A new study published in the journal Environmental Health Perspectives has confirmed that plastic nanoparticles can cross the human placenta, possibly exposing the developing fetus to a deluge of microscopic toxins and chemicals that are increasingly used in medicines, vaccines and personal care products.
In the study, researchers collected placentas from consenting women immediately after their full-term babies were born. The maternal side of each placenta was injected with a single dose of a solution containing polystyrene nanoparticles. Polystyrene is a widely used plastic that is used to make products such as packing peanuts, disposable coffee cups, #6 plastic food packaging and hard plastic items like disposable cutlery and CD cases.
The researchers used fluorescent polystyrene nanoparticles so that their migration could be tracked. They tested four different sizes with diameters of 50, 80, 240 or 500 nanometers and used at least four placentas for each nanoparticle size. They found that the smaller nanoparticles (50, 80, and 240 nanometers) appeared on the fetal side of the placenta within 15 minutes after injection, while the larger particles (500 nm) stayed on the maternal side for the six-hour duration of the study.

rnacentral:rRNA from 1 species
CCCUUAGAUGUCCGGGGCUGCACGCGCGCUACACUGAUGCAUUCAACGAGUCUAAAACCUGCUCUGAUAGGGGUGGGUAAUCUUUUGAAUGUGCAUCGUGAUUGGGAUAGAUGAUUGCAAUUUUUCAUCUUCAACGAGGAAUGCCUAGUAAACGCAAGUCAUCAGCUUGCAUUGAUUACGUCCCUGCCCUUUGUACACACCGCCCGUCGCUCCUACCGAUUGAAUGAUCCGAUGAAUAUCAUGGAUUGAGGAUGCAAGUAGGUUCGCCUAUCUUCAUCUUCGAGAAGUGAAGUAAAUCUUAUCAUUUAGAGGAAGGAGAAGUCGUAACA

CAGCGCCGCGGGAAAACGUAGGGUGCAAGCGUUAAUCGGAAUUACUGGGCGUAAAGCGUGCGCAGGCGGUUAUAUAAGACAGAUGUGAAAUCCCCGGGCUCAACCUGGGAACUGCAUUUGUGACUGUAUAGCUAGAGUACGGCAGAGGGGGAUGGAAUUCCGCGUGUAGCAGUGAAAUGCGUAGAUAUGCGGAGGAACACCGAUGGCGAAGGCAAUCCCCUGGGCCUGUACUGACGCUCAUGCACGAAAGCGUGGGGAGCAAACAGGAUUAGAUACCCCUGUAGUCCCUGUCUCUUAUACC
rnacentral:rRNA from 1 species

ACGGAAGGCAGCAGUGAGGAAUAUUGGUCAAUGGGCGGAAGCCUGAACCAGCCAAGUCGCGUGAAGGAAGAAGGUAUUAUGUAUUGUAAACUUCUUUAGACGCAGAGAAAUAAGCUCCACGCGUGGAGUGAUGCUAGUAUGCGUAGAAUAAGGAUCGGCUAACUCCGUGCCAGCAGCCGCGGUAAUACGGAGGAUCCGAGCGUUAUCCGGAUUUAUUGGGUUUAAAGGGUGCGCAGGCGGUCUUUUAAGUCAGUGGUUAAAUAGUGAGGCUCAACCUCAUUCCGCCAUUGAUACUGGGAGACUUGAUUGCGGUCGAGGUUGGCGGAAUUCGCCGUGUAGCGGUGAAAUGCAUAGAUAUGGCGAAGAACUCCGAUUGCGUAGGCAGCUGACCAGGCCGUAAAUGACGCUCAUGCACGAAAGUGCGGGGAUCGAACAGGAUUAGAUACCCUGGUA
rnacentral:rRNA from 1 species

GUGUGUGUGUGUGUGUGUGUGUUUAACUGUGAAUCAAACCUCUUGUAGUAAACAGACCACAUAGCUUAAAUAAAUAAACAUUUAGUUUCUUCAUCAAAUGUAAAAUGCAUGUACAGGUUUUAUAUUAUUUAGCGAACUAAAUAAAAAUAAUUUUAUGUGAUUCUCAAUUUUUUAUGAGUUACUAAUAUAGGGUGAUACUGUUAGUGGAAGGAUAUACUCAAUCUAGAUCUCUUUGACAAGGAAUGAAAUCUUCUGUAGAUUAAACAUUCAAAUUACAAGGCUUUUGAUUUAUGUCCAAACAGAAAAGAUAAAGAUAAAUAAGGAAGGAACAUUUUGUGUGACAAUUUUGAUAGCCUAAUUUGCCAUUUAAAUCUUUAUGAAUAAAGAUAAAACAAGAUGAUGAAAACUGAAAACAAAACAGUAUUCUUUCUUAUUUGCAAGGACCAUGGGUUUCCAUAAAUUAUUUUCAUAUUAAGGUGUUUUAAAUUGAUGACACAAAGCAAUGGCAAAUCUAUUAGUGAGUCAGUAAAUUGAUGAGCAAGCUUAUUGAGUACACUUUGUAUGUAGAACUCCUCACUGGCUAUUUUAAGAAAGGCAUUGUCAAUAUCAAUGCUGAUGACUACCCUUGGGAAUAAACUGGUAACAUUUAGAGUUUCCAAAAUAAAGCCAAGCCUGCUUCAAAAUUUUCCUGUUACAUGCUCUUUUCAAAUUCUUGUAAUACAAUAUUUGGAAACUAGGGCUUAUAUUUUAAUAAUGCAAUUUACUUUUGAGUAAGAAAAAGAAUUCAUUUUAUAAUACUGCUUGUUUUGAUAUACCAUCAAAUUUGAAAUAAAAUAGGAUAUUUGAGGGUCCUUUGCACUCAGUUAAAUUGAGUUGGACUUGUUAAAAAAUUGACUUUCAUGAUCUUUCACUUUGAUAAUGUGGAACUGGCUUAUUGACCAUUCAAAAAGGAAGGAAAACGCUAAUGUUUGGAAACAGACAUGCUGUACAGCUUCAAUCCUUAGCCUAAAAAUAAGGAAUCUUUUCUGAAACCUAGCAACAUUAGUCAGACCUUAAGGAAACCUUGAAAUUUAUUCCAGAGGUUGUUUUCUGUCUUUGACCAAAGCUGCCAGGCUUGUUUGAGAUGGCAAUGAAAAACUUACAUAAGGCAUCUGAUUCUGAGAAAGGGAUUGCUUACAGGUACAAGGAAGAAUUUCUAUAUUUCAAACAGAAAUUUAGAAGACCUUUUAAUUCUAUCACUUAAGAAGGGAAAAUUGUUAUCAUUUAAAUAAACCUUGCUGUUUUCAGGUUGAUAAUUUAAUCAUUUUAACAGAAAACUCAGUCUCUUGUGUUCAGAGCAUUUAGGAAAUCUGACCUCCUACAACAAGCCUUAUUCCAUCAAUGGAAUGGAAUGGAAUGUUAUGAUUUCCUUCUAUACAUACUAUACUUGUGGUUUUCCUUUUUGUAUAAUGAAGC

Nanomaterials are itty-bitty particles, often smaller than the diameter of a hair, that have become quite popular in medicine and personal care products where their small size helps move drugs and ingredients through the body. Their smaller size allows them to penetrate more deeply than their larger counterparts. However, they also tend to be more potent and to behave differently in the body than larger molecules.
Take, for example, the nanoparticles used in sunscreen products. In an effort to minimize the “white nose” effect, some mineral sunscreen manufacturers are using formulas containing nanometer-sized particles of their chemical components. This allows the product to be absorbed into the skin more readily (so that it becomes transparent). However, titanium and zinc oxide are two chemicals that you don’t want to absorb into your skin. Unlike larger particles of titanium oxide, nanoparticles of this substance can enter the bloodstream and damage brain cells.
While not much is known about nanoparticle toxicity, animal and laboratory studies have found the very small materials can affect brain cells, DNA and lung function. Animal studies point to reproductive changes, embryo death and brain and nerve damage.